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U.N. expected to approve more peacekeepers for Ivory Coast

By the CNN Wire Staff
Ivory Coast has been in a political crisis since Laurent Gbagbo's refusal to step down.
Ivory Coast has been in a political crisis since Laurent Gbagbo's refusal to step down.
  • NEW: The U.N. Security Council votes Tuesday on more troops for Ivory Coast
  • Raila Odinga, serving as the African Union's mediator, met with Gbagbo on Monday
  • The African Union and other organizations have called on Gbagbo to step aside

United Nations (CNN) -- The U.N. Security Council is expected to authorize another 2,000 troops for its peacekeeping force in Ivory Coast on Tuesday amid a standoff between the mission and supporters of self-proclaimed President Laurent Gbagbo.

The Security Council is expected to approve the increase unanimously, a diplomat from one of the council's member states told CNN. U.N. officials requested up to 2,000 more peacekeepers in early January, bringing the current mission to more than 11,000 troops and police.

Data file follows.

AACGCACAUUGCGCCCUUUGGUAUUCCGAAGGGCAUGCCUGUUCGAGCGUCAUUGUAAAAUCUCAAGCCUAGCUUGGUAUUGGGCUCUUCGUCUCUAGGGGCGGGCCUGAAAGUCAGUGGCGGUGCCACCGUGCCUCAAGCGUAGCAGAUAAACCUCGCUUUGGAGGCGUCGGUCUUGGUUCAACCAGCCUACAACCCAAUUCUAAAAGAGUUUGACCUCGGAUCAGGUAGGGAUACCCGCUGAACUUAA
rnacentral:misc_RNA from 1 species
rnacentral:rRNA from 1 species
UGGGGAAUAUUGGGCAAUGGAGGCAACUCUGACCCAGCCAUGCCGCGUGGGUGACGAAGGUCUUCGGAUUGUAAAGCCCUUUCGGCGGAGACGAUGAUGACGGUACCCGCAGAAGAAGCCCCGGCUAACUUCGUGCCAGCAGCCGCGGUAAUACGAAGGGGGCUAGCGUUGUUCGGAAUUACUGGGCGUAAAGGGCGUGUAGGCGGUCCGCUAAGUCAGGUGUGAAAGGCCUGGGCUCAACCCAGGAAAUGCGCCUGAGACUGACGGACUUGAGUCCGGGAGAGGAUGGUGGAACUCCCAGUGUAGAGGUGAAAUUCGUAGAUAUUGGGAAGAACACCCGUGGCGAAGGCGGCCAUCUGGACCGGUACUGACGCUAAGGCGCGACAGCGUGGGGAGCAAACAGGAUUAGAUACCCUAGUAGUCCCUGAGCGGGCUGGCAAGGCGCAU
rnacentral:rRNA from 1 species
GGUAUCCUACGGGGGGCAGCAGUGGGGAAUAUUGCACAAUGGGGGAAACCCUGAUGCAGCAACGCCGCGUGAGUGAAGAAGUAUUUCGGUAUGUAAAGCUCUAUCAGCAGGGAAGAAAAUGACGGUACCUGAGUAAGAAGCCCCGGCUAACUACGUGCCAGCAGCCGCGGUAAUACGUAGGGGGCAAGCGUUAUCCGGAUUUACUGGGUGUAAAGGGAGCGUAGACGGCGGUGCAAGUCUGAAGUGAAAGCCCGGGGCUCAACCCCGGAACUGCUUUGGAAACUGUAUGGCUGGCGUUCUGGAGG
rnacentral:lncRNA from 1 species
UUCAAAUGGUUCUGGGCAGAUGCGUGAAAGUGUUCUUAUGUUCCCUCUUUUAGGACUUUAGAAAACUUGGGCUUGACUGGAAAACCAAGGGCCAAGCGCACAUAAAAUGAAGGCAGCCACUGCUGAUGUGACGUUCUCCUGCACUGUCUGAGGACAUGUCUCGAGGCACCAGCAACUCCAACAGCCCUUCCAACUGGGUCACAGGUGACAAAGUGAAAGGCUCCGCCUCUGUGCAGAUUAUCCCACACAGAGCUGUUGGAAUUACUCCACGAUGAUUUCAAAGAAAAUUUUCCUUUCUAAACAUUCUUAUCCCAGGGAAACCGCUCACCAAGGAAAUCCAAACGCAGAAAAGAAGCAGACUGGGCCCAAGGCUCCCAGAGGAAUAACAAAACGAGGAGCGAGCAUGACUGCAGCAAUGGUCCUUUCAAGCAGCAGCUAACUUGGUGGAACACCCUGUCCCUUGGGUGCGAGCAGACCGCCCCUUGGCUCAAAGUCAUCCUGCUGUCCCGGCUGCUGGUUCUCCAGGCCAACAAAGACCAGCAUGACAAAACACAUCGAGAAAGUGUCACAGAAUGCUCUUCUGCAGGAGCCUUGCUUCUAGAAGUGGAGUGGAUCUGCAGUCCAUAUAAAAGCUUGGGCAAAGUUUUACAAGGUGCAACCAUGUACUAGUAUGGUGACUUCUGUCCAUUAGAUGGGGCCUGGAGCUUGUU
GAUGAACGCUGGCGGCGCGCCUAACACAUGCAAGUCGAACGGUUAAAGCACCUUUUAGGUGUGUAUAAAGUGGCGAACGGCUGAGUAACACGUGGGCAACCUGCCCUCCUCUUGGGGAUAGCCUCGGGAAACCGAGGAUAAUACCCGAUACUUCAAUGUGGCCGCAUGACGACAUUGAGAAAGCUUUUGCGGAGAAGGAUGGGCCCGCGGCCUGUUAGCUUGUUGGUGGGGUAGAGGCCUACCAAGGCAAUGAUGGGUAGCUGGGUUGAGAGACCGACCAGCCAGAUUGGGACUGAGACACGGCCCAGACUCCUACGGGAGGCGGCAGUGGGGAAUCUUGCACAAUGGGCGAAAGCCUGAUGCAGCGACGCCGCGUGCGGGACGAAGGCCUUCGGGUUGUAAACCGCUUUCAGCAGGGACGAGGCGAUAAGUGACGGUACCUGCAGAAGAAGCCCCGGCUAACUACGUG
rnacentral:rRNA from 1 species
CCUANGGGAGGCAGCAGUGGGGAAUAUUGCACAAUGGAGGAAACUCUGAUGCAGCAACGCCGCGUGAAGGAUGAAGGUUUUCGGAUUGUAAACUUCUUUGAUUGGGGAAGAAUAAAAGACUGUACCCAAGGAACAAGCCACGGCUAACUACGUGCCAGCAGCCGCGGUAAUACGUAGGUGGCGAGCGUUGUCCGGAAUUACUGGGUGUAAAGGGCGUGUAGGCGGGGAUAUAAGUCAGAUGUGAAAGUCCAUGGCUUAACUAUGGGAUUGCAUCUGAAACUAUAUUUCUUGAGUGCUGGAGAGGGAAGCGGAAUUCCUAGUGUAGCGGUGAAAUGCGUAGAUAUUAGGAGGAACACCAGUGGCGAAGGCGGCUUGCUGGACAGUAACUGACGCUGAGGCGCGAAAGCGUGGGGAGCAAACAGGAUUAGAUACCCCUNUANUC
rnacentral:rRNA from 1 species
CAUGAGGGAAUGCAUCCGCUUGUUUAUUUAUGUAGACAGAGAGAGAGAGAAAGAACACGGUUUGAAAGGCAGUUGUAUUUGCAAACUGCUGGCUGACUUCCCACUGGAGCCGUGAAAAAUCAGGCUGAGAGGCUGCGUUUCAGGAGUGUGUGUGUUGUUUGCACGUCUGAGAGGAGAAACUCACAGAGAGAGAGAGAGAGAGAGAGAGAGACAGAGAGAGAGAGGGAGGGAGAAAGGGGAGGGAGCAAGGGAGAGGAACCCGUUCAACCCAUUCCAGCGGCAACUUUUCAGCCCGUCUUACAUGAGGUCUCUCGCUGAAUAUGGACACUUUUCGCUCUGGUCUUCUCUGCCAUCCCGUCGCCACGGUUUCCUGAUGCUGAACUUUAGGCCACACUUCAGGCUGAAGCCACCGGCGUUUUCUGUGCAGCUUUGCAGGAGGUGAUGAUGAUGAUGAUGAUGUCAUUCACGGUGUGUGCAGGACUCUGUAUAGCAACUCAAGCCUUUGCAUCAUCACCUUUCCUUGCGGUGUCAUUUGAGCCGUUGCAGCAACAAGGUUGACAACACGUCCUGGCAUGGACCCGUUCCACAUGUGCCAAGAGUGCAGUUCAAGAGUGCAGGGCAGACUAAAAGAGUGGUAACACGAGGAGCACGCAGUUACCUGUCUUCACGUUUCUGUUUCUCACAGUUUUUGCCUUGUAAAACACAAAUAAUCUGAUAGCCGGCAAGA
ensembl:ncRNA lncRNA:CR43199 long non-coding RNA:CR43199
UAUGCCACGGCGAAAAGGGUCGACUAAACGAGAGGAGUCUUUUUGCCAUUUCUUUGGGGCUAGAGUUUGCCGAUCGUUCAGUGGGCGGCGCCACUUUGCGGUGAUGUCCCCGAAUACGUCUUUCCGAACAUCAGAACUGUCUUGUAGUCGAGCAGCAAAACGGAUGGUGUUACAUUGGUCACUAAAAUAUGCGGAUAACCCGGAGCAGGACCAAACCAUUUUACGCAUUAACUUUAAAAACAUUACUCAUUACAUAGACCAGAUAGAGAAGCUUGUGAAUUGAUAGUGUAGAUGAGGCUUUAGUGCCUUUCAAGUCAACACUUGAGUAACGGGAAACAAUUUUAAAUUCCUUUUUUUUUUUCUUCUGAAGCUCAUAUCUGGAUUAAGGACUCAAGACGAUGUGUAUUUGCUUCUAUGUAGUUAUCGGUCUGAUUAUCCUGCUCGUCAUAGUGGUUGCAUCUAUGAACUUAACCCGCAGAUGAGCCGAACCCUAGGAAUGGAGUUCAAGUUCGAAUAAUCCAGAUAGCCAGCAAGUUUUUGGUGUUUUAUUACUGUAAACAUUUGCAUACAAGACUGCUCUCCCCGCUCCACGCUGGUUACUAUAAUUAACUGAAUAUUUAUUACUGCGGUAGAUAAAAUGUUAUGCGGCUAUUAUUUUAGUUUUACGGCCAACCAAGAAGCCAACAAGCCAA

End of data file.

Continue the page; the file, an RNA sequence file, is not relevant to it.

Gbagbo has rebuffed calls to cede power to the internationally recognized winner of November's presidential runoff, Alassane Outtara. Ouattara is holed up in a hotel in Abidjan under the protection of U.N. peacekeepers, and the United Nations has blamed Gbagbo's supporters for a string of attacks on U.N. vehicles and troops in the past week.

Gbagbo's foreign minister, Alcide Djedje, said earlier this month that the peacekeepers are "complicit with the rebellion" and that the sitting government has "no more confidence in the U.N."

The standoff has raised fears of a renewal of the bloodshed suffered after a civil war broke out in 2002. More than 25,000 Ivorians have fled to neighboring Liberia since the crisis began, the U.N. High Commissioner for Refugees reported last week.

The Economic Community of West African States has threatened to use "legitimate force" to remove Gbagbo, who met Monday with African Union mediator Raila Odinga. Odinga, Kenya's prime minister, arrived in Abidjan for the talks early Monday.

The cocoa-producing nation was wracked by civil war from 2002 to 2007, when a settlement left the country divided between north and south. The 2010 elections came with high expectations that they would open a new chapter in the country's history.

CNN's Whitney Hurst and Zain Verjee contributed to this report.